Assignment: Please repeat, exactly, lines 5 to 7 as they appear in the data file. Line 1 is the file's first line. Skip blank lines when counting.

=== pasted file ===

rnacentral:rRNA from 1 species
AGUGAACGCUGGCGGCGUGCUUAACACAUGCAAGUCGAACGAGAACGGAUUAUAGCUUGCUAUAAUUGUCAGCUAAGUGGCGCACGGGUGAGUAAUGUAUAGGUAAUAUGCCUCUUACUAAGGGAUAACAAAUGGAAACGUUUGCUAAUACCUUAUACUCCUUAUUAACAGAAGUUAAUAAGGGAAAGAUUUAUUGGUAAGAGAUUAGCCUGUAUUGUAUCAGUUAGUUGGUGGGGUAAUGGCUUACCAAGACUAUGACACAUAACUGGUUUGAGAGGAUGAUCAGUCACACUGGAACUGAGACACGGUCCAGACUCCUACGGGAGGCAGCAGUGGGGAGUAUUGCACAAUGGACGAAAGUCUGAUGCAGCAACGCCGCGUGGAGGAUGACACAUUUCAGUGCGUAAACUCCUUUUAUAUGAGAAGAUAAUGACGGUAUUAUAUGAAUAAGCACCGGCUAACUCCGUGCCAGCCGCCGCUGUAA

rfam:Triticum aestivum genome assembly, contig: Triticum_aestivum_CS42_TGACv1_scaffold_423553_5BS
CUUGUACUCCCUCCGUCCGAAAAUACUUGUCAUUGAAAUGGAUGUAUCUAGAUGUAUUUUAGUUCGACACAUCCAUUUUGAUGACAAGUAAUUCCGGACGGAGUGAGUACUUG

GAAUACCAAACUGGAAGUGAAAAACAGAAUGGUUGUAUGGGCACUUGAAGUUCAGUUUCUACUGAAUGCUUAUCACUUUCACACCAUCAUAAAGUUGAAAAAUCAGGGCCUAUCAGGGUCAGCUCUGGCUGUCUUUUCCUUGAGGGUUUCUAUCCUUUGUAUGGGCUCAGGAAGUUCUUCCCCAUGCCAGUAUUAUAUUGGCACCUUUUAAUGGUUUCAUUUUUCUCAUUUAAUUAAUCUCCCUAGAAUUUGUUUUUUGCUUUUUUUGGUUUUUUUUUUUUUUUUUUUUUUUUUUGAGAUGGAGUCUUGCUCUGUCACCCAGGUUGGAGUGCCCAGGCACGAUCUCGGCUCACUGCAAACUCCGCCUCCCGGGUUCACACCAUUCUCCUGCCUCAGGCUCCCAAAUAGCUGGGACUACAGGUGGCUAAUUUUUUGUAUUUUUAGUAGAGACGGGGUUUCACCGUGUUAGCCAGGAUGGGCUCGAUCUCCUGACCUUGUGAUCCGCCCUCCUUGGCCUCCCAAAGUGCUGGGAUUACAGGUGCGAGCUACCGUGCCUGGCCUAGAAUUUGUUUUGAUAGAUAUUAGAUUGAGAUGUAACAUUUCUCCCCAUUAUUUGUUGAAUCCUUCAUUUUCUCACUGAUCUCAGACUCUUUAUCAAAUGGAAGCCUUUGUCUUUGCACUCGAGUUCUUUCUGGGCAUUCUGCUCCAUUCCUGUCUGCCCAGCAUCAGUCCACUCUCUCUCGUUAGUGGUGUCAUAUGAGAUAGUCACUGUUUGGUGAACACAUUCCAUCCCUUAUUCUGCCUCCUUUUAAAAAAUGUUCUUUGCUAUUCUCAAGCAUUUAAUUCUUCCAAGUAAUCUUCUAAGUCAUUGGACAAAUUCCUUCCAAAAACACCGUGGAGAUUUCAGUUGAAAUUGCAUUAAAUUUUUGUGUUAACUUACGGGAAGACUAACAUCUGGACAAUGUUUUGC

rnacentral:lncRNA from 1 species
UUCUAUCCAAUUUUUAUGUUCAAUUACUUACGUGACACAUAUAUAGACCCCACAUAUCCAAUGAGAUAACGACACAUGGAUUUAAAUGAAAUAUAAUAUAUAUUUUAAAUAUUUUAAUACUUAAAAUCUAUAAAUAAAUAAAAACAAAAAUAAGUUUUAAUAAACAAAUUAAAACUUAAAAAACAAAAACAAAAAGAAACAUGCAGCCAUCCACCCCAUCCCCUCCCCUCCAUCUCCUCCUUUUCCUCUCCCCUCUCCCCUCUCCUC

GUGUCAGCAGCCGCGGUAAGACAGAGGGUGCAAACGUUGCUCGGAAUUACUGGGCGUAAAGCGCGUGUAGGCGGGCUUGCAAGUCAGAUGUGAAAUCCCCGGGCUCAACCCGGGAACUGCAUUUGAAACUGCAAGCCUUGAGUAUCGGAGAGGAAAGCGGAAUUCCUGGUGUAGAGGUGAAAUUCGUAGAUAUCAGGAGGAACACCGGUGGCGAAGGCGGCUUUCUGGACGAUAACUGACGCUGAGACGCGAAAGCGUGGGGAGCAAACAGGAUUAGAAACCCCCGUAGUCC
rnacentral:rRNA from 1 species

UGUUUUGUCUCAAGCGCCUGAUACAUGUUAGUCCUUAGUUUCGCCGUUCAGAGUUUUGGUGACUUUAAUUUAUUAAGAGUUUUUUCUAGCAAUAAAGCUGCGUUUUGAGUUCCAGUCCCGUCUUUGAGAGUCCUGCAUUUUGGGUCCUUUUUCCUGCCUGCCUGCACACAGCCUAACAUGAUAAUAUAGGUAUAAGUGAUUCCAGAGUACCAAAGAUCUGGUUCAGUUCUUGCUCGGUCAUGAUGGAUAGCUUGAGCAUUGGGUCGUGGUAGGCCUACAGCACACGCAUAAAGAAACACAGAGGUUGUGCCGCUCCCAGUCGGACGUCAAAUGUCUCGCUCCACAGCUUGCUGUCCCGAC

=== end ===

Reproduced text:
GAAUACCAAACUGGAAGUGAAAAACAGAAUGGUUGUAUGGGCACUUGAAGUUCAGUUUCUACUGAAUGCUUAUCACUUUCACACCAUCAUAAAGUUGAAAAAUCAGGGCCUAUCAGGGUCAGCUCUGGCUGUCUUUUCCUUGAGGGUUUCUAUCCUUUGUAUGGGCUCAGGAAGUUCUUCCCCAUGCCAGUAUUAUAUUGGCACCUUUUAAUGGUUUCAUUUUUCUCAUUUAAUUAAUCUCCCUAGAAUUUGUUUUUUGCUUUUUUUGGUUUUUUUUUUUUUUUUUUUUUUUUUUGAGAUGGAGUCUUGCUCUGUCACCCAGGUUGGAGUGCCCAGGCACGAUCUCGGCUCACUGCAAACUCCGCCUCCCGGGUUCACACCAUUCUCCUGCCUCAGGCUCCCAAAUAGCUGGGACUACAGGUGGCUAAUUUUUUGUAUUUUUAGUAGAGACGGGGUUUCACCGUGUUAGCCAGGAUGGGCUCGAUCUCCUGACCUUGUGAUCCGCCCUCCUUGGCCUCCCAAAGUGCUGGGAUUACAGGUGCGAGCUACCGUGCCUGGCCUAGAAUUUGUUUUGAUAGAUAUUAGAUUGAGAUGUAACAUUUCUCCCCAUUAUUUGUUGAAUCCUUCAUUUUCUCACUGAUCUCAGACUCUUUAUCAAAUGGAAGCCUUUGUCUUUGCACUCGAGUUCUUUCUGGGCAUUCUGCUCCAUUCCUGUCUGCCCAGCAUCAGUCCACUCUCUCUCGUUAGUGGUGUCAUAUGAGAUAGUCACUGUUUGGUGAACACAUUCCAUCCCUUAUUCUGCCUCCUUUUAAAAAAUGUUCUUUGCUAUUCUCAAGCAUUUAAUUCUUCCAAGUAAUCUUCUAAGUCAUUGGACAAAUUCCUUCCAAAAACACCGUGGAGAUUUCAGUUGAAAUUGCAUUAAAUUUUUGUGUUAACUUACGGGAAGACUAACAUCUGGACAAUGUUUUGC

rnacentral:lncRNA from 1 species
UUCUAUCCAAUUUUUAUGUUCAAUUACUUACGUGACACAUAUAUAGACCCCACAUAUCCAAUGAGAUAACGACACAUGGAUUUAAAUGAAAUAUAAUAUAUAUUUUAAAUAUUUUAAUACUUAAAAUCUAUAAAUAAAUAAAAACAAAAAUAAGUUUUAAUAAACAAAUUAAAACUUAAAAAACAAAAACAAAAAGAAACAUGCAGCCAUCCACCCCAUCCCCUCCCCUCCAUCUCCUCCUUUUCCUCUCCCCUCUCCCCUCUCCUC